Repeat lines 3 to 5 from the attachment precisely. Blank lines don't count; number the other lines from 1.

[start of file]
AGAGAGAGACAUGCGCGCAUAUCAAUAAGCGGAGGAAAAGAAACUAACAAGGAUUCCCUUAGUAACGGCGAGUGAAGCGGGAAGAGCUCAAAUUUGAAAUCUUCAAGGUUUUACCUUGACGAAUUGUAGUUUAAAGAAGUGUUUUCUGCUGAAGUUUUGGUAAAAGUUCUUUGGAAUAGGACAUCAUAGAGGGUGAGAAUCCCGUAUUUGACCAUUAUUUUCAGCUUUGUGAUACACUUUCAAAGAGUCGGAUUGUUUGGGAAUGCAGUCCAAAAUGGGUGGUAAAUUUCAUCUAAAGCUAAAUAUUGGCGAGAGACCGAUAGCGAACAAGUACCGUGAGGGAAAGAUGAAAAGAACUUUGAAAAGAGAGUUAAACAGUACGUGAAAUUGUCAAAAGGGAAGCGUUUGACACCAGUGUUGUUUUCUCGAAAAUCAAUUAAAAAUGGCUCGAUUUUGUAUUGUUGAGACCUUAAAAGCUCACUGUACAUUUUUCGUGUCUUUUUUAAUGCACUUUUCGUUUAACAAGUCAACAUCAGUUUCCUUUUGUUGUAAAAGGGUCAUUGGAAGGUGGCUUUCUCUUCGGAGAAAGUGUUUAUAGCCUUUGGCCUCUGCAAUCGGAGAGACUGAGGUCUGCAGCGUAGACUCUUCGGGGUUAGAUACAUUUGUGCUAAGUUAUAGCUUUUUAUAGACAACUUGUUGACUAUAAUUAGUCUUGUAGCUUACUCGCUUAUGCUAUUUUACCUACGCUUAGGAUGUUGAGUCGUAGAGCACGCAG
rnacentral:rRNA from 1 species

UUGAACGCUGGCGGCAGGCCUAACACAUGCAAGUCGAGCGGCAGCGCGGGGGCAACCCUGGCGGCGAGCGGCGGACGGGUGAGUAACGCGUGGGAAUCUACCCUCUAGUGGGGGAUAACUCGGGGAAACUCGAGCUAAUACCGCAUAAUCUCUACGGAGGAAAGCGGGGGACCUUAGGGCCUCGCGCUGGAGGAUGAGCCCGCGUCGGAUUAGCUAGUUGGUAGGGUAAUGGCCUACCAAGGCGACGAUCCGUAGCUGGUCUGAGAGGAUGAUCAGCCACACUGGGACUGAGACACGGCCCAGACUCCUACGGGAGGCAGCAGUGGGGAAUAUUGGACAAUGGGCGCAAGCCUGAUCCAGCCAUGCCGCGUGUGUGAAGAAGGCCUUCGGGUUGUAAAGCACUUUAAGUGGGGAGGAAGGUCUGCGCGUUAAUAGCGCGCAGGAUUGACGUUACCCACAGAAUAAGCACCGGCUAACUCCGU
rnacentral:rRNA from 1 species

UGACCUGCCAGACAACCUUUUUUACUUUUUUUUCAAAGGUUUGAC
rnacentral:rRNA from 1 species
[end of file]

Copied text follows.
UUGAACGCUGGCGGCAGGCCUAACACAUGCAAGUCGAGCGGCAGCGCGGGGGCAACCCUGGCGGCGAGCGGCGGACGGGUGAGUAACGCGUGGGAAUCUACCCUCUAGUGGGGGAUAACUCGGGGAAACUCGAGCUAAUACCGCAUAAUCUCUACGGAGGAAAGCGGGGGACCUUAGGGCCUCGCGCUGGAGGAUGAGCCCGCGUCGGAUUAGCUAGUUGGUAGGGUAAUGGCCUACCAAGGCGACGAUCCGUAGCUGGUCUGAGAGGAUGAUCAGCCACACUGGGACUGAGACACGGCCCAGACUCCUACGGGAGGCAGCAGUGGGGAAUAUUGGACAAUGGGCGCAAGCCUGAUCCAGCCAUGCCGCGUGUGUGAAGAAGGCCUUCGGGUUGUAAAGCACUUUAAGUGGGGAGGAAGGUCUGCGCGUUAAUAGCGCGCAGGAUUGACGUUACCCACAGAAUAAGCACCGGCUAACUCCGU
rnacentral:rRNA from 1 species

UGACCUGCCAGACAACCUUUUUUACUUUUUUUUCAAAGGUUUGAC